The disparity between regions is now less obvious, for example in cities like Edinburgh & Bristol whilst still buoyant their downward trajectory in the graphic is clear. During the same period business reliant centres in general have remained flat on August actuals, with some like Manchester falling back quite significantly (-8%). Further afield there are many similar patterns, again with notable exceptions in Paris and New York City which have both seen greater demand during September.

Most of these larger cities will be reliant on the return of international travellers to return to pre-pandemic trading, and we are seeing continued relaxation to allow for that over time. However, we are now adopting these values with slow but sustained growth as a prudent approach to rate strategies, distribution and therefore forecasts through to March 2022.

Booking Momentum by City table below compares daily bookings made as a % of year prior, comparing momentum across a section of different UK & international destinations.

There is still an overall positive picture to take from this point in time; we can see the improvement in the above graphic to the same period in 2020 with very little chance of the same disruption over winter 2021/22. So, recovery plans can be approached with more confidence and with an expectation of a return in any investment.

We have listed below some sales and revenue growth initiatives we are working on, crucially Assured Hotels retain a skilled team of revenue and sales personnel ready to support, advise and implement on agreed activity including:

  • Rate strategy review – will current pricing plans deliver the best volume and margin from the local market conditions.
  • Outsourced revenue management, potential to reduce payroll with dedicated 3rd party support
  • Distribution review to include: OTA’s, GDS partner and challenge content on own and partner websites.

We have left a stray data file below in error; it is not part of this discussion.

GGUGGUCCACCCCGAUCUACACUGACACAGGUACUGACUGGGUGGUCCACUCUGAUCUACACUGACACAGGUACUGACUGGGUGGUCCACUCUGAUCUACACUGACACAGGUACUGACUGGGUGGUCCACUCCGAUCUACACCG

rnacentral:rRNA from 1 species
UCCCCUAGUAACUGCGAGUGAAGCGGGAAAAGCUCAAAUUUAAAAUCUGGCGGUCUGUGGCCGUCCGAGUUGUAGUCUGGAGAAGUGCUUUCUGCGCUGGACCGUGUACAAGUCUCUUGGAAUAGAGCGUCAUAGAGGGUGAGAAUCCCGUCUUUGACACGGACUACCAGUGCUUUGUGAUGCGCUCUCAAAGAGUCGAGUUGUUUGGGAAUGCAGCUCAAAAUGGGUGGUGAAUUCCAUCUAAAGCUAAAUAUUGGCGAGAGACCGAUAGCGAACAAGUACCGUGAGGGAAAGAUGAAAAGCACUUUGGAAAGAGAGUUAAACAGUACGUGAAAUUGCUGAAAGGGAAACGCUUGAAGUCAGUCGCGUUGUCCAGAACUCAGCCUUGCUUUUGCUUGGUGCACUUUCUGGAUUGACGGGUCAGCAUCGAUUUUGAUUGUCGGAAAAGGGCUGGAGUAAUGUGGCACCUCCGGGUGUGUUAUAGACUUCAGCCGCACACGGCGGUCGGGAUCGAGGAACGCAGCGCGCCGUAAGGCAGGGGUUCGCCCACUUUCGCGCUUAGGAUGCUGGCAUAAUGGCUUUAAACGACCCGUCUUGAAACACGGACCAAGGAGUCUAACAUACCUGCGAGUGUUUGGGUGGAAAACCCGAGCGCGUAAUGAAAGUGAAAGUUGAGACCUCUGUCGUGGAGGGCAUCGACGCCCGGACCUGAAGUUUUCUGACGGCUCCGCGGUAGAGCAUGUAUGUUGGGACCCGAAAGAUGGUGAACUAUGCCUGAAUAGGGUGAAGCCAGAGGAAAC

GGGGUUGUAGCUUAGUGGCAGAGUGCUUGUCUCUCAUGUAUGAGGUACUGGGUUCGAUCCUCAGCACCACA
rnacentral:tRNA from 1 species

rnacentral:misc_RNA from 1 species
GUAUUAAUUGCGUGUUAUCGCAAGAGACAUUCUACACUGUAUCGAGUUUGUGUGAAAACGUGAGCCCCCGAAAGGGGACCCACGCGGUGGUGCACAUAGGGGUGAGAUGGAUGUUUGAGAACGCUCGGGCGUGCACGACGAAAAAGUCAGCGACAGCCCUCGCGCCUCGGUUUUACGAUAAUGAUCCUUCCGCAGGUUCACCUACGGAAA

• Franchise or soft brand support options review.
  • Pay per click and key phrase campaign review.
  • Database cleanse and campaign content planned.
  • Flash sales and other high impact, strategic campaigns.

This is just an illustration of where Assured Hotels can support sales and revenue teams – if you or a client has a hotel business, we are well placed to give an impartial sense check of rate & distribution strategies to ensure all opportunities are maximised as the sector recovers, particularly in relation to profit forecasts as Government support is removed.

As always, the data used paints a very broad-brush picture, particularly as it only uses daily rooms sold as a macro indicator and does not include rate or therefore revenue analysis. This broader data is also available across UK regions.

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Please do not hesitate to contact us to discuss finance reporting & forecasting, procurement, sales and revenue management, funding, and Government support.

Please click here to book a meeting, email mgriffin@assuredhotels.co.uk  or call 0203 916 5658.

Tags : Assured HotelsMARKET DATAstaycation
Zoe Monk

The author Zoe Monk